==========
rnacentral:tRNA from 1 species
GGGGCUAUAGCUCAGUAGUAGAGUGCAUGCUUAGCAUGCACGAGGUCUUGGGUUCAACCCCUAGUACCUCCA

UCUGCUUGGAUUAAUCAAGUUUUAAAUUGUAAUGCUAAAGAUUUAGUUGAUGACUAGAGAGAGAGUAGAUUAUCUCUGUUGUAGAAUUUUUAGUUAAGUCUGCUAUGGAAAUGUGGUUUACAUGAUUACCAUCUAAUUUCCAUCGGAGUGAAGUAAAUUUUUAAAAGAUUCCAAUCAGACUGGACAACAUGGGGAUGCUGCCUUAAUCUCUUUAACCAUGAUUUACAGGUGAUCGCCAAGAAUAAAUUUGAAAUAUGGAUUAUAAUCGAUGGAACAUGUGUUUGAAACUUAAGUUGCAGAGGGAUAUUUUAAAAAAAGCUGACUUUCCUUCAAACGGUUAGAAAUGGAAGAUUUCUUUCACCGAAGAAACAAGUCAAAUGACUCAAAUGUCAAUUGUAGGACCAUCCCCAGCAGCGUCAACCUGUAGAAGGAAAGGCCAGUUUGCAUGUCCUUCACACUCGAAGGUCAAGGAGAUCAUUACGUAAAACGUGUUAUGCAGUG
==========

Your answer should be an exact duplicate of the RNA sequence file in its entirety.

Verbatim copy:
rnacentral:tRNA from 1 species
GGGGCUAUAGCUCAGUAGUAGAGUGCAUGCUUAGCAUGCACGAGGUCUUGGGUUCAACCCCUAGUACCUCCA

UCUGCUUGGAUUAAUCAAGUUUUAAAUUGUAAUGCUAAAGAUUUAGUUGAUGACUAGAGAGAGAGUAGAUUAUCUCUGUUGUAGAAUUUUUAGUUAAGUCUGCUAUGGAAAUGUGGUUUACAUGAUUACCAUCUAAUUUCCAUCGGAGUGAAGUAAAUUUUUAAAAGAUUCCAAUCAGACUGGACAACAUGGGGAUGCUGCCUUAAUCUCUUUAACCAUGAUUUACAGGUGAUCGCCAAGAAUAAAUUUGAAAUAUGGAUUAUAAUCGAUGGAACAUGUGUUUGAAACUUAAGUUGCAGAGGGAUAUUUUAAAAAAAGCUGACUUUCCUUCAAACGGUUAGAAAUGGAAGAUUUCUUUCACCGAAGAAACAAGUCAAAUGACUCAAAUGUCAAUUGUAGGACCAUCCCCAGCAGCGUCAACCUGUAGAAGGAAAGGCCAGUUUGCAUGUCCUUCACACUCGAAGGUCAAGGAGAUCAUUACGUAAAACGUGUUAUGCAGUG